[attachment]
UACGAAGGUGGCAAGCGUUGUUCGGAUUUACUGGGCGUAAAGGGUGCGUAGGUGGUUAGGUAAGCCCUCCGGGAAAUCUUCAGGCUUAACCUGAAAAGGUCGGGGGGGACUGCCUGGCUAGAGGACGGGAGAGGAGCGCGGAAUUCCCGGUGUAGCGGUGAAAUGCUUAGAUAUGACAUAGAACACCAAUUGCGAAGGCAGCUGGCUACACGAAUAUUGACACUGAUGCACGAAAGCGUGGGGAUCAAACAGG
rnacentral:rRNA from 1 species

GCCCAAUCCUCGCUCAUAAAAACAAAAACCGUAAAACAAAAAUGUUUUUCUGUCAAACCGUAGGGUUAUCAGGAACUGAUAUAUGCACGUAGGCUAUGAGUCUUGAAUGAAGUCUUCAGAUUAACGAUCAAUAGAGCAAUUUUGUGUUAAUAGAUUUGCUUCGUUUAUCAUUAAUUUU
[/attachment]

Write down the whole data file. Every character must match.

UACGAAGGUGGCAAGCGUUGUUCGGAUUUACUGGGCGUAAAGGGUGCGUAGGUGGUUAGGUAAGCCCUCCGGGAAAUCUUCAGGCUUAACCUGAAAAGGUCGGGGGGGACUGCCUGGCUAGAGGACGGGAGAGGAGCGCGGAAUUCCCGGUGUAGCGGUGAAAUGCUUAGAUAUGACAUAGAACACCAAUUGCGAAGGCAGCUGGCUACACGAAUAUUGACACUGAUGCACGAAAGCGUGGGGAUCAAACAGG
rnacentral:rRNA from 1 species

GCCCAAUCCUCGCUCAUAAAAACAAAAACCGUAAAACAAAAAUGUUUUUCUGUCAAACCGUAGGGUUAUCAGGAACUGAUAUAUGCACGUAGGCUAUGAGUCUUGAAUGAAGUCUUCAGAUUAACGAUCAAUAGAGCAAUUUUGUGUUAAUAGAUUUGCUUCGUUUAUCAUUAAUUUU